I must relate that I once heard a comedian say during one of his comedy routine, “white folk we are hip to your game, giving us February for Black History Month, the shortest month of the year. I’m hip to your game.” Although the attentive audience laughed uproariously at the joke, I could only shake my head at the reality that very few people, regardless of race actually understand why Carter G. Woodson chose the month of February to begin Black History Month; it was actually a very strategic decision made to increase the chances that a celebration of Black History would not be a fleeting occurrence.
Carter G. Woodson, the individual who wrote the classic history manuscript, The Mis-Education of the Negro (if you have never read it, you should) displayed the value that he associated with a Black History Week/Month when told an audience that “We are going back to that beautiful history and it is going to inspire us to greater achievements.”
Woodson was no dummy; he realized that with the well-substantiated hatred routinely directed at African-Americans and erroneously held beliefs that their contributions to this nation were next to none getting the nation to adopt a celebration of Black History would be a difficult task. It was with this in mind that Carter G. Woodson chose to place Black History Week within the month of February.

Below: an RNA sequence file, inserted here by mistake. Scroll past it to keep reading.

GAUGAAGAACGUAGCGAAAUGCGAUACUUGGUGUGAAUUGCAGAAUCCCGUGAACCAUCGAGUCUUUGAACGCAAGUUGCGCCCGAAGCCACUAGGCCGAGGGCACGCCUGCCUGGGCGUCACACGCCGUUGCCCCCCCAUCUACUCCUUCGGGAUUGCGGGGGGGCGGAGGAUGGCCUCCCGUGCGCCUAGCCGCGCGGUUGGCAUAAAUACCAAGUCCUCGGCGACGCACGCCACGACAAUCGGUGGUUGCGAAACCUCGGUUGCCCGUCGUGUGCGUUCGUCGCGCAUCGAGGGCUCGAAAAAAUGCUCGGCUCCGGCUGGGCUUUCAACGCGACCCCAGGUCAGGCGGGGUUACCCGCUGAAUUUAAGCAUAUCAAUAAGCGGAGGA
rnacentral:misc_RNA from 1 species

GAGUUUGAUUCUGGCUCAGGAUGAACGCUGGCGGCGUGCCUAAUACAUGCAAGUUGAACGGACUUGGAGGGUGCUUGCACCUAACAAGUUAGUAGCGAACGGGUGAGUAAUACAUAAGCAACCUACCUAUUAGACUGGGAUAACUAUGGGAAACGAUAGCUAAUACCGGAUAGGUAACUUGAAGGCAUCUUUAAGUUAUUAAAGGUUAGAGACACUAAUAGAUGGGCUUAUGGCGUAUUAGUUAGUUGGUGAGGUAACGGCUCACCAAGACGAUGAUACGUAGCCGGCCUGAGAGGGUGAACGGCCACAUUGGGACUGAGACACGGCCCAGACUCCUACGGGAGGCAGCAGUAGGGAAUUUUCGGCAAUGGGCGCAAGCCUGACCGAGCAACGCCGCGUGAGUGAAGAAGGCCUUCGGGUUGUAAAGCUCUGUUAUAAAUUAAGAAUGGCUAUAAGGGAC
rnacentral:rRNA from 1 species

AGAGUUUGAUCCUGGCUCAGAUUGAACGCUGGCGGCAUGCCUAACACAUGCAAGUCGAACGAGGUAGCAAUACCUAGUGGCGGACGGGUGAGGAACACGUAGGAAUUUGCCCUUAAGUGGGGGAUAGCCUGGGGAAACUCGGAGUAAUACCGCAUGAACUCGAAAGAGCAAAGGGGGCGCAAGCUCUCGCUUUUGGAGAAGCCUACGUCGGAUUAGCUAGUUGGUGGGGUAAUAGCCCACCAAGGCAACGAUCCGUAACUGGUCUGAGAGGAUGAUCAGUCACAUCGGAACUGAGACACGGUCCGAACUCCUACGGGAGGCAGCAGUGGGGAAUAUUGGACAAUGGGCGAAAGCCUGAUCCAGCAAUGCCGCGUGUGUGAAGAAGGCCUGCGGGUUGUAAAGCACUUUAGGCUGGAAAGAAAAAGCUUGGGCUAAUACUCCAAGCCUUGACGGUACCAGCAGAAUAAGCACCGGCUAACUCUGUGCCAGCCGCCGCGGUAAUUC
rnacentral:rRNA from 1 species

February is the birth month of both Abraham Lincoln (February 12th) and Frederick Douglass (14th) two of the central figures in the African-American narrative. Lincoln is of course remembered as ‘the Great Emancipator’ and Frederick Douglass is undoubtedly the most notable Black Abolitionist this nation has ever known.
Particularly important to why February was selected by Woodson is the fact that the nation already had celebrations in place that honored the fallen President’s birthday and African-Americans already had an existing tradition of celebrating Douglass as well.
Carter G. Woodson was well aware of the pre-existing celebrations and made the wise chose of building ‘Negro History Week’ around the aforementioned traditions that were already in existence. Put simply, Woodson had made the brilliant decision to prod Americans in the direction of embracing an extension of pre-existing celebrations that in one way or another celebrated ‘Negro History’ without attempting to forge a new tradition.
This is the reason that the month of February was selected for Black History Month.
James Thomas Jones III
© Manhood, Race and Culture, 2016